Michael Buchwitz, Maximilian Reuter, Oliver Schneising, Stefan Noël, Bettina Gier, Heinrich Bovensmann, John P. Burrows, Hartmut Boesch, Jasdeep Anand, Robert J. Parker, Peter Somkuti, Rob G. Detmers, Otto P. Hasekamp, Ilse Aben, André Butz, Akihiko Kuze, Hiroshi Suto, Yukio Yoshida, David Crisp, and Christopher O'Dell
Atmos. Chem. Phys., 18, 17355–17370,Short summary
We present a new satellite data set of column-averaged mixing ratios of carbon dioxide (CO2), which covers the time period 2003 to 2016. We used this data set to compute annual mean atmospheric CO2 growth rates. We show that the growth rate is highest during 2015 and 2016 despite nearly constant CO2 emissions from fossil fuel burning in recent years. The high growth rates are attributed to year 2015-2016 El Nino episodes. We present correlations with fossil fuel emissions and ENSO indices.
Tobias Borsdorff, Joost aan de Brugh, Haili Hu, Otto Hasekamp, Ralf Sussmann, Markus Rettinger, Frank Hase, Jochen Gross, Matthias Schneider, Omaira Garcia, Wolfgang Stremme, Michel Grutter, Dietrich G. Feist, Sabrina G. Arnold, Martine De Mazière, Mahesh Kumar Sha, David F. Pollard, Matthäus Kiel, Coleen Roehl, Paul O. Wennberg, Geoffrey C. Toon, and Jochen Landgraf
Atmos. Meas. Tech., 11, 5507–5518,Short summary
On 13 October 2017, the S5-P satellite was launched with TROPOMI as its only payload. One of the primary products is atmospheric CO observed with daily global coverage and spatial resolution of 7 × 7 km2. The new dataset allows the sensing of CO enhancements above cities and industrial areas and can track pollution transport from biomass burning regions. Through validation with ground-based TCCON measurements we show that the CO data product is already well within the mission requirement.
Lianghai Wu, Otto Hasekamp, Haili Hu, Jochen Landgraf, Andre Butz, Joost aan de Brugh, Ilse Aben, Dave F. Pollard, David W. T. Griffith, Dietrich G. Feist, Dmitry Koshelev, Frank Hase, Geoffrey C. Toon, Hirofumi Ohyama, Isamu Morino, Justus Notholt, Kei Shiomi, Laura Iraci, Matthias Schneider, Martine de Mazière, Ralf Sussmann, Rigel Kivi, Thorsten Warneke, Tae-Young Goo, and Yao Té
Atmos. Meas. Tech., 11, 3111–3130,
Antonio Di Noia, Otto P. Hasekamp, Lianghai Wu, Bastiaan van Diedenhoven, Brian Cairns, and John E. Yorks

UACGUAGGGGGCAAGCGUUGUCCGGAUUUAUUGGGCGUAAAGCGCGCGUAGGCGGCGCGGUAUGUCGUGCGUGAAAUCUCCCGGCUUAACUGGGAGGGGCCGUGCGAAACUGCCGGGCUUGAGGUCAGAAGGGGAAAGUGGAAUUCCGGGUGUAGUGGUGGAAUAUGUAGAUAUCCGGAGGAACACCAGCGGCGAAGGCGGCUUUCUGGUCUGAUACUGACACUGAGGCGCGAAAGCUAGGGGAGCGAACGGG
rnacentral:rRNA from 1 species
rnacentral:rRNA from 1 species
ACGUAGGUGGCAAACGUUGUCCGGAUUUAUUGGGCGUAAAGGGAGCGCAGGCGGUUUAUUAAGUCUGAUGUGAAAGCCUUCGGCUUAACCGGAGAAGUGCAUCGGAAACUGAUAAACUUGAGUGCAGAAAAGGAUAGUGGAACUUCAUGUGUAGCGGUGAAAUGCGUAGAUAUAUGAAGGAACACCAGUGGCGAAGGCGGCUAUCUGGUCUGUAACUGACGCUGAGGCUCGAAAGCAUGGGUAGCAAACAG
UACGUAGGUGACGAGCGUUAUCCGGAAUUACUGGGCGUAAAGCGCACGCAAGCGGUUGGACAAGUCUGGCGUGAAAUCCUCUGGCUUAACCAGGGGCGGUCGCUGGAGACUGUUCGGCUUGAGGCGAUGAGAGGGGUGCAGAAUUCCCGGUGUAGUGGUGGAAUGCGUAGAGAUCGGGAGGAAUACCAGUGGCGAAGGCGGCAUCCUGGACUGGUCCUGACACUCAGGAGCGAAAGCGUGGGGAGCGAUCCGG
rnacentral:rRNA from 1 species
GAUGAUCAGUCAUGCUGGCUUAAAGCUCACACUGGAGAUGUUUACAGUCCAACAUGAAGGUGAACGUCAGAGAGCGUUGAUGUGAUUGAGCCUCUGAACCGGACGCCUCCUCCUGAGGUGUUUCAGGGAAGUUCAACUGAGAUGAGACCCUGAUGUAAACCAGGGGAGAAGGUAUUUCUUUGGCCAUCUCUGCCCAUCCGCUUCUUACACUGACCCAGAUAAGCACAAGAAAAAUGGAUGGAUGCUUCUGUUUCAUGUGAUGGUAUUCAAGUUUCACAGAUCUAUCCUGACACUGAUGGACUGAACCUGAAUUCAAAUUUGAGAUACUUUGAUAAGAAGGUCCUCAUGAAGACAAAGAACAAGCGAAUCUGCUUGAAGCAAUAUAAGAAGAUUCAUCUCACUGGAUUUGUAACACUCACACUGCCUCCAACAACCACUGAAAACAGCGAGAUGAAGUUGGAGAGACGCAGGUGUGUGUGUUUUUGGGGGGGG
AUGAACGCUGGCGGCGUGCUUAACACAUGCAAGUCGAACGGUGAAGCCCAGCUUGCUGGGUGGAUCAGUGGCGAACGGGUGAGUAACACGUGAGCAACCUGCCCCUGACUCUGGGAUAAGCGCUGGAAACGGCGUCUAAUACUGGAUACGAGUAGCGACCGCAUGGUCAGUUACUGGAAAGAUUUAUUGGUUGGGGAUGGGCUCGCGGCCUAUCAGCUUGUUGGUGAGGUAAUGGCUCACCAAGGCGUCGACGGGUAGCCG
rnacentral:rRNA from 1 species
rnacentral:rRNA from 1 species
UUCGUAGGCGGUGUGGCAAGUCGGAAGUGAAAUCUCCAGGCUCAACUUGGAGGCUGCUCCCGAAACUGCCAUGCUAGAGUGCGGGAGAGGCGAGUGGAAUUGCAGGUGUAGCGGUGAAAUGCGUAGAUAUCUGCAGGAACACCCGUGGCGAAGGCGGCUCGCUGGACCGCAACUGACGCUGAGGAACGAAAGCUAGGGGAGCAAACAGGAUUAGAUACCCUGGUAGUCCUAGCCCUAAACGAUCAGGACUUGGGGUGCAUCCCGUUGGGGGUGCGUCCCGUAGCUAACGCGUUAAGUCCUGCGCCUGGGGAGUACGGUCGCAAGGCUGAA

Atmos. Meas. Tech., 10, 4235–4252,Short summary
In this paper an algorithm for the retrieval of aerosol properties from NASA Research Scanning Polarimeter (RSP) data is presented. An artificial neural network is used to produce a first estimate of the aerosol properties, which is then improved using an iterative retrieval scheme based on Phillips–Tikhonov regularization. Using the neural network retrievals as a first guess for the Phillips–Tikhonov improved the retrieval convergence, confirming results previously found on ground-based data.
Nick Schutgens, Svetlana Tsyro, Edward Gryspeerdt, Daisuke Goto, Natalie Weigum, Michael Schulz, and Philip Stier
Atmos. Chem. Phys., 17, 9761–9780,Short summary
We estimate representativeness errors in observations due to mismatching spatio-temporal sampling, on timescales of hours to a year and length scales of 50 to 200 km, for a variety of observing systems (in situ or remote sensing ground sites, satellites with imagers or lidar, etc.) and develop strategies to reduce them. This study is relevant to the use of observations in constructing satellite L3 products, observational intercomparison and model evaluation.
Michael Buchwitz, Oliver Schneising, Maximilian Reuter, Jens Heymann, Sven Krautwurst, Heinrich Bovensmann, John P. Burrows, Hartmut Boesch, Robert J. Parker, Peter Somkuti, Rob G. Detmers, Otto P. Hasekamp, Ilse Aben, André Butz, Christian Frankenberg, and Alexander J. Turner
Atmos. Chem. Phys., 17, 5751–5774,Short summary
Methane is an important greenhouse gas and increasing atmospheric concentrations result in global warming. We present a simple method to derive annual methane emission estimates of methane hotspot areas from satellite data. We present results for four source areas. We found that our estimates are in good agreement with other studies/data sets for the Four Corners region in the USA and for Azerbaijan but we also found higher emissions for parts of California and Turkmenistan.
Enza Di Tomaso, Nick A. J. Schutgens, Oriol Jorba, and Carlos Pérez García-Pando